Exercise 4.2

The British landscape during World War II

Read the short extract from ‘ Landscape for Everyone ’, published in John Taylor (1994) A Dream of England: Landscape, Photography and the Tourist’s Imagination (available in your student resources).
Summarise the key points in your learning log, along with any other observations or reflections.

LP&E, p.143

Here’s the chapter.

Taylor, J. (1994) A Dream of England: Landscape, Photography and the Tourist’s Imagination. Manchester: Manchester University Press.


Taylor’s chapter explores public attitudes towards and media treatments of the British countryside before and during WW2.

There is a 1920s book of Hoppe’s GB landscape photographs, which is rather expensive to buy, but Dr Marcus Bunyan has many of the 304 images from the book in three pages of his blog – Art Blart

C. F. G. Masterman wrote the introduction to Hoppé’s book and his view of British (or English) history is episodic, dropping in and out for highlights over the centuries (of course, this is a common approach to history which was, until recently, taught in sequences of dates corresponding to series of monarchs and battles). Masterman also stated his fear of the destruction of the countryside through excessive industrialisation.

By 1940, fears had turned to invasion, with the underlying notion that, whatever the outcome, some core values of Britishness would endure (C. Henry Warren, England is a Village, 1944). The experience of the countryside was changing through the policy of anonymisation (removing road signs and so on to confuse invaders) and the fact that travel was restricted by petrol rationing.

It became patriotic to experience the countryside through reminiscence of pre-war memories. Editors favoured countryside photographs that included child evacuees.

The 1930s had seen the rise of militant ramblers determined to both maintain and establish rights if way, a cause that continues to be controversial today.

There are two illustrations in the extract, rather poorly reproduced contrasting the British and German ways of life (fig. B1) and illustrating the British way of life (fig. B2). Taylor’s descriptions are shown.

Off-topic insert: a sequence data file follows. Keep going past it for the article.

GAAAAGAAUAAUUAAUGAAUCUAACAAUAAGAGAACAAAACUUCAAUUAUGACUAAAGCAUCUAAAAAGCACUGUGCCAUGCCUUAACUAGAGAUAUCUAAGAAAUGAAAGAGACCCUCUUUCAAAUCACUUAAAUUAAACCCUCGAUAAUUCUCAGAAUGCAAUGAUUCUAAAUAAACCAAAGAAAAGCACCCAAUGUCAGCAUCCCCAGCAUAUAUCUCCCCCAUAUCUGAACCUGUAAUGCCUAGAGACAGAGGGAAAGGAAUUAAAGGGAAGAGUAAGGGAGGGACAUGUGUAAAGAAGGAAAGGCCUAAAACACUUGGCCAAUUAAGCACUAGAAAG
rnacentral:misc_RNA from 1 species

A flock of sheep wandered through an English village, in contrast to a regimented march on an urban German road, fig. B1.

Taylor quotes the patriotic 1940 Picture Post article,

This is a war for everything that we can see from our own window. For the cottage at the end of the lane, and the old bridge by the mill. We are fighting for the very soil and stuff of Britain. Intact for a thousand years, it is not to be tampered with now. Lambeth Walk is not to be a stamping ground for the storm-troopers. Stratford-on-Avon is to be no site for Goering to build a castle.

Picture Post, 13 July 1940

and draws attention to the class emphasising the piece,

It was important to forget differences at home, because each class had much to lose. The workers would lose the benefits of union and the freedom to dig their own garden or gossip in the pub. The industrialists and landowners would lose their inheritance. The ‘great mass of the middle classes’ (which included lawyers, journalists and tradesmen) would lose ‘the pleasant margin of choice in their lives’, and be dictated what was legal, what they could write, or they might be ‘squeezed out of business’.

Taylor, 1994, quoting the Picture Post, 1941

In summary, Taylor’s view of media reaction to the early years are of WW2 is that it emphasised strength in diversity, choice and a proud heritage. The cynical viewer might observe that little has changed in the subsequent 80 years, at least in certain areas of the British press (the Mail and Express come particularly to mind).


LPE Exc 4.2 References

Alexander, J, Conroy, A, Hughes, A, & Lundy, G (2019) Landscape, Place and Environment [LPE]. Barnsley: Open College of the Arts.

Hoppe, EO. (1926) Picturesque Great Britain: Its Architecture and Landscape cover. Berlin: Ernst Wasmuth A.G.

Taylor, J. (1994) A Dream of England: Landscape, Photography and the Tourist’s Imagination. Manchester: Manchester University Press.